Gattorno, Antonio (1904–1980) By Holian, Sarah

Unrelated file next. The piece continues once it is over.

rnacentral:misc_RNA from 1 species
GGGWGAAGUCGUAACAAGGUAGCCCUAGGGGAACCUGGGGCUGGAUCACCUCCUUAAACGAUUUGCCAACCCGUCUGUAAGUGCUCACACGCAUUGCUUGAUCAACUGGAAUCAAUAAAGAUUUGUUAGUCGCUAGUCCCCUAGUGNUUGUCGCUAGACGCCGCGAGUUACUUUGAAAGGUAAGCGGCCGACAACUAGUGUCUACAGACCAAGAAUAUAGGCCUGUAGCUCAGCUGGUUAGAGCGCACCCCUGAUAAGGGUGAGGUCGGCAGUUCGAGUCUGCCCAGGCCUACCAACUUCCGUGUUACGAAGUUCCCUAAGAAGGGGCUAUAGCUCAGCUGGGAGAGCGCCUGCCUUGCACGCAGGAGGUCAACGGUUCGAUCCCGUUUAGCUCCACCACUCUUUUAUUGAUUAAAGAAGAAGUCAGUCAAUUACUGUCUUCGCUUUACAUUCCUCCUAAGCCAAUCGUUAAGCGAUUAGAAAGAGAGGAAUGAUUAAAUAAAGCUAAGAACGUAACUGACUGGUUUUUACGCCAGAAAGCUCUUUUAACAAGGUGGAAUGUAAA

Cuban painter and illustrator Antonio Gattorno is recognized as one of the founding members of the Cuban vanguardia (avant-garde) of the late 1920s to early 1930s in Havana; a movement that sought to define a national iconography through the people and landscape of Cuba. Like many of his colleagues in Cuba, Gattorno studied painting at the San Alejandro Academy before earning a scholarship to travel to Italy, Spain, and France between 1920–1927. During this period, Gattorno studied Italian classicism and works by Paul Gauguin, which he later used to formulate his own figurative style of portraying the guajiro (Cuban peasant) that dominated the subject matter of his work for the following decade. During the mid-1920s, he also joined the Grupo Minorista, a group of Cuban leftist critics, writers, and artists who cautioned of United States imperialist influence and promoted a Hispano-Cuban vernacular culture. Gattorno signed the group’s manifesto published in the avant-garde journal Revista de avance (1927–1930) that called for a rejection of academic art and a renewal of Cuban art. Inspired by the political work of the Mexican Muralists, Gattorno also painted a number of large-scale murals (many now lost) in Havana at the Teachers’ Training College, the Capitular Room of Town Hall, and the private residence of Dr. Gustavo Gutierrez.